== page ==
Proposal to Sen. Coburn: We Won’t Practice Medicine, You Don’t Opine on Economics
The retiring Senator from
Oklahoma, Tom Coburn is interviewed in the
Wall Street Journal and talks
extensively about health care economics.
As a physician, one might think Sen. Coburn knows something about the
subject. He doesn’t.
Mr. Coburn’s main point is that as a conservative Republican he supports market based decisions on health care by patients, such as a person being taken to an emergency room having to make a choice between the one that is close by and the one that is 10% less expensive and gives a coupon good for a free Big Mac with every admittance. It would take far more space and be way to boring to fully refute Mr. Coburn’s erroneous analysis, and of course it would be nice if the Wall Street Journal actually published both sides of an issue, but everyone knows that ain’t gonna happen.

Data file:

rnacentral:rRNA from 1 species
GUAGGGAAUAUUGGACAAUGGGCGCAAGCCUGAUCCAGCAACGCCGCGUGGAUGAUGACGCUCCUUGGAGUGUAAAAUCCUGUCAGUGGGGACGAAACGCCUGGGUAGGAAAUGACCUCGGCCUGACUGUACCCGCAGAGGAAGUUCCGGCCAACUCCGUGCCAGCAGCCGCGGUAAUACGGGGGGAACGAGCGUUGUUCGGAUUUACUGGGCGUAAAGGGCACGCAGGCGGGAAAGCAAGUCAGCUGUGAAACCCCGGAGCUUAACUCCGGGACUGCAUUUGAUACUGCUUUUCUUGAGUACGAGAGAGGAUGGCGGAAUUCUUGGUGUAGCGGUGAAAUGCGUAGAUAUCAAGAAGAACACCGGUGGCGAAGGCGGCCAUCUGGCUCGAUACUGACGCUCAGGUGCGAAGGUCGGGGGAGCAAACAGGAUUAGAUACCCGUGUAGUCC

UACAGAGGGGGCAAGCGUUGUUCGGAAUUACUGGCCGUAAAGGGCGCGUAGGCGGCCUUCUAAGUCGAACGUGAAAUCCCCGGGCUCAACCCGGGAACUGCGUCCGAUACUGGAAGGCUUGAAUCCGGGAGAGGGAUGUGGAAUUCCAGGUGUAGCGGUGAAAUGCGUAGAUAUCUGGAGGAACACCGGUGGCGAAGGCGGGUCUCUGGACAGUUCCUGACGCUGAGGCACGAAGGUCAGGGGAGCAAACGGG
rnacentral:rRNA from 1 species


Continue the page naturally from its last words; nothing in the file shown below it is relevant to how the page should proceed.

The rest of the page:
But what is interesting is this statement in the interview.
Dr. Coburn observes that "nearly all the economists agree" that a source of
long-running health-care dysfunctions is the tax exclusion for
employer-sponsored insurance only. America
Well, actually no. And even if a bunch of economists did agree on something, does that really make it valid. Really, what has been the experience over the last 70 years from serious professional academic economists that would give anyone confidence in their conclusions? No the real problem with
U. S. health
care costs is the fee-for-service system, something no other advanced nation
has fore the majority of its care.
But there is one observation that can be made. Almost all economists agree that Sen. Coburn knows nothing about health care economics (and most economists hope that Sen. Coburn’s personal health issued are resolved in his favor.) And no, we cannot cite any sources for this observation, some things are just so obvious that we don’t have to.